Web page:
From the Lion Gate at Mycenae to Lake Thun – far-flung trade routes emerged during the Bronze Age.
From the Lion Gate at Mycenae to Lake Thun – far-flung trade routes emerged during the Bronze Age. Wikimedia / Andreas Trepte

The King of Thun and his links with Mycenae

In the early Bronze Age, the area around Lake Thun benefited from its position on important trade routes. Members of the wealthy elite had themselves buried along with magnificent grave goods. These objects indicate connections reaching as far afield as Mycenae, Cyprus, Anatolia and the Gaza Strip.

Selina Stokar

Selina Stokar

Selina Stokar is a historian and works in the programme department of the Bernisches Historisches Museum.

A powerful person was laid to rest in Thun-Renzenbühl around 1750 BCE. It would appear to be a man, a petty king of the kind described by Homer – although archaeologists have been known to assign the wrong sex to other unearthed remains. He – assuming that the skeleton is in fact that of a male – was buried along with a number of magnificent items intended to ensure he would lack for nothing in the afterlife. Garment pins, a belt hook and dagger adorned the dead man’s clothing. He was also wearing six torques, a mark of his considerable wealth. A bit like being buried today with three Rolex watches on your wrist. More is more.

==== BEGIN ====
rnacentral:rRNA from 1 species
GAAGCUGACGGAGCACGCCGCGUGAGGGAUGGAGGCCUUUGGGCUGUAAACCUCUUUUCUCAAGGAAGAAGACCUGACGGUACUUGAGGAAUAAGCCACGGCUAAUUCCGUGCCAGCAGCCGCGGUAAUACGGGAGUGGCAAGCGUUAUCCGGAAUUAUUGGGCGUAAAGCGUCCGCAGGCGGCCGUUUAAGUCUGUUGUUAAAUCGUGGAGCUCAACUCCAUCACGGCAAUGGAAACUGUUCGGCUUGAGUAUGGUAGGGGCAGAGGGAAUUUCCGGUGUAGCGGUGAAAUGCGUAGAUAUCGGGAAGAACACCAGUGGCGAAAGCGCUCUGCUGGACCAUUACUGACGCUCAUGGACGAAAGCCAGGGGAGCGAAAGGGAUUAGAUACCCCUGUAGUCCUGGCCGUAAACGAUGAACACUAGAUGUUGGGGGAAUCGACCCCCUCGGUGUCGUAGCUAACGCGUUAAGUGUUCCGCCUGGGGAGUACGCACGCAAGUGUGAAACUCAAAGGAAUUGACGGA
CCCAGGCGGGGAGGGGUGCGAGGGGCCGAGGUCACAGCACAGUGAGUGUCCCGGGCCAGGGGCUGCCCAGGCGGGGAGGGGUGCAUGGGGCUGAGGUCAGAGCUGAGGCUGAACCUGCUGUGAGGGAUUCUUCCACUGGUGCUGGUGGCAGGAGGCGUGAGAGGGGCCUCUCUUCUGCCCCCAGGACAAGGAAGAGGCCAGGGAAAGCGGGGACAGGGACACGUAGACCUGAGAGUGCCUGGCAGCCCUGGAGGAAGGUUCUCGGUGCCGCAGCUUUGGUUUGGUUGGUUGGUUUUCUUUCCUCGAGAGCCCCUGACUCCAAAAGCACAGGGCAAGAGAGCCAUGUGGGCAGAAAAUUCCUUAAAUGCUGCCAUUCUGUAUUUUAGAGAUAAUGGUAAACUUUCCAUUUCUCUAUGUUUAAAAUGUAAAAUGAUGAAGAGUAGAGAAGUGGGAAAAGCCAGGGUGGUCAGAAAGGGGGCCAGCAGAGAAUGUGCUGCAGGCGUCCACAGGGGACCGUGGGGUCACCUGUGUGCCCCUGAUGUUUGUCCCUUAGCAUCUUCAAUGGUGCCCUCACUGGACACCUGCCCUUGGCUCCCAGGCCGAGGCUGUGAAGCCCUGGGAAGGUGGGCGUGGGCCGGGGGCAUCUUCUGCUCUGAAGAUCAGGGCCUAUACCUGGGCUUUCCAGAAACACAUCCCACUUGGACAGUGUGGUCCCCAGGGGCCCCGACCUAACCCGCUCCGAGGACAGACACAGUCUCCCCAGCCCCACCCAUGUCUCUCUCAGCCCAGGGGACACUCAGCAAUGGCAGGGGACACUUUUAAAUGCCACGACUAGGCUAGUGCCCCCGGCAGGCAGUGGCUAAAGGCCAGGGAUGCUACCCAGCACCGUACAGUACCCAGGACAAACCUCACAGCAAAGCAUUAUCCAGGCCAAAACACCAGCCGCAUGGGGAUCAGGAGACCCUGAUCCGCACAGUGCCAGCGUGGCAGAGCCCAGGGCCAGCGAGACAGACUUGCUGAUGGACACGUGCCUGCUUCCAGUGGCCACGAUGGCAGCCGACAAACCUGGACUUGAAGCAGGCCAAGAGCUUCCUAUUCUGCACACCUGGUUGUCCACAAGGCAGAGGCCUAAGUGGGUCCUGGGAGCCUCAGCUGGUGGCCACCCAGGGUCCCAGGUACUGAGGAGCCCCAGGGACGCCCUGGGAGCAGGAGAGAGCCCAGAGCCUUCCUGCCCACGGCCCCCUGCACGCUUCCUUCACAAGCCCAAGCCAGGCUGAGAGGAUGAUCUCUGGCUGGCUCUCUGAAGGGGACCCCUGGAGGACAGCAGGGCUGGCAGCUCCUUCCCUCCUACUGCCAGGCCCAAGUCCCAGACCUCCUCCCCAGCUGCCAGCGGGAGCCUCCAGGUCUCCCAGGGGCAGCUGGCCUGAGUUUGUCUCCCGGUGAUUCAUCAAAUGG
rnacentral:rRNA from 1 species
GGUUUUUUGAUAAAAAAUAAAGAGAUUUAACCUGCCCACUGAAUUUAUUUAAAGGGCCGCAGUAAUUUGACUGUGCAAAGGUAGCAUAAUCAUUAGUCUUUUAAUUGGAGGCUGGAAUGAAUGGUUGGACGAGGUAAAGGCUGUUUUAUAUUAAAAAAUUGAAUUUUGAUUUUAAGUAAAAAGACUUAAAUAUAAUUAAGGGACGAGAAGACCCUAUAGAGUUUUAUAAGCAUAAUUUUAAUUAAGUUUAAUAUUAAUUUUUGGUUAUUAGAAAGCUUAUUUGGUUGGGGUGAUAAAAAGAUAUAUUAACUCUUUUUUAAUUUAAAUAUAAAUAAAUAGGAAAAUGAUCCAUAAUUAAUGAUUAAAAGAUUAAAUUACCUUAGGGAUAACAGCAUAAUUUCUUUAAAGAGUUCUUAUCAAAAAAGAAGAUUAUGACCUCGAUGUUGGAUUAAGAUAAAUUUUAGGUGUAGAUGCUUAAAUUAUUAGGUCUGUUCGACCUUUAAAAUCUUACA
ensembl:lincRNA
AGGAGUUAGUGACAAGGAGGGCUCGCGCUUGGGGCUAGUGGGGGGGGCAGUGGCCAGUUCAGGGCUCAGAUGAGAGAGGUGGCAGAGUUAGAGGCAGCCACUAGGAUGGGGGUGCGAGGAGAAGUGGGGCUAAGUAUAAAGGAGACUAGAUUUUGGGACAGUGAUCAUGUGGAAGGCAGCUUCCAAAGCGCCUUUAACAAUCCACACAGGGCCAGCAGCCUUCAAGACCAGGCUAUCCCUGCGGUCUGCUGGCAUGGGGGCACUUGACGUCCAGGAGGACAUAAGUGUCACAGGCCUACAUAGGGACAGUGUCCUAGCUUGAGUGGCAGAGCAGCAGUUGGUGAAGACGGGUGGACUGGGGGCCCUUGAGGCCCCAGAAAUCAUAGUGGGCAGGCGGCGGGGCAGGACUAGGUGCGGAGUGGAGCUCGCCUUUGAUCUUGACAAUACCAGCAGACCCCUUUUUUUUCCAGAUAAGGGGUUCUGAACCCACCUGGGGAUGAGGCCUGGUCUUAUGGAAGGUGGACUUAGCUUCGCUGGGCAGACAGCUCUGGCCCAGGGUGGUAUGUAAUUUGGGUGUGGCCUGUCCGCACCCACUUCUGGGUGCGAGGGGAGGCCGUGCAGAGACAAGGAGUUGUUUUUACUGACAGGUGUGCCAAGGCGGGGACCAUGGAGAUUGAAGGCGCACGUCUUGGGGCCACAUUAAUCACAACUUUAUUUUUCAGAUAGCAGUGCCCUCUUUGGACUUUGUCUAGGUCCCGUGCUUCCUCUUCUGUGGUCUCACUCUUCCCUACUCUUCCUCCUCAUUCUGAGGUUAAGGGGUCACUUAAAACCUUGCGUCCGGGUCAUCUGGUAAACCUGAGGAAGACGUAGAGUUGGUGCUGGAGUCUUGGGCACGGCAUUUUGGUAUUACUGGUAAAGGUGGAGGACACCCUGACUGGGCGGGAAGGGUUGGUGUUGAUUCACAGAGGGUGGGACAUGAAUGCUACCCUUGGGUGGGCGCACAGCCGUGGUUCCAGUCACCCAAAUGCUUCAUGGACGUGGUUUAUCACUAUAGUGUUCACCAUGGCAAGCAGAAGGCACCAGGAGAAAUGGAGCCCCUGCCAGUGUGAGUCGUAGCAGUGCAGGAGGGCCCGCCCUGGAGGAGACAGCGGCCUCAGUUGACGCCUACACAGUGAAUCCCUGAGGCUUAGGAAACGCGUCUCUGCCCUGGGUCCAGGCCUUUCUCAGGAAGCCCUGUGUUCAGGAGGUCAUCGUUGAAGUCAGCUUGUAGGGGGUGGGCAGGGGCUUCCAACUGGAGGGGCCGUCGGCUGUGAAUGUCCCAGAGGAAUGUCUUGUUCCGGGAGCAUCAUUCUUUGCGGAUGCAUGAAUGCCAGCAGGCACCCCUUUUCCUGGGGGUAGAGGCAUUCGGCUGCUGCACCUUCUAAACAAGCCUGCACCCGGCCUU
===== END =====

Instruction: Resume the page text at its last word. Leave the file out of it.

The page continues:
The grave inventory from Thun-Renzenbühl.
The grave inventory from Thun-Renzenbühl. © Bernisches Historisches Museum, Bern. Photo: Nadja Frey
But that’s not all: the blade of a representative battle axe, decorated with pin-shaped gold inlays, was also found in the king’s grave when discovered in the 19th century. A beautiful piece of work executed using a complicated technique. One that was invented in the Lake Thun area? No: objects embellished in the same manner have been found primarily in the Aegean and at Mycenae, the city celebrated by Homer as “golden”. So, how did a petty king living in the Bern region almost 4,000 years ago come to be buried with such a high-prestige object made using a technique originating in the Aegean?
Axe blade from Thun-Renzenbühl.
Axe blade from Thun-Renzenbühl. © Bernisches Historisches Museum, Bern. Photo: Nadja Frey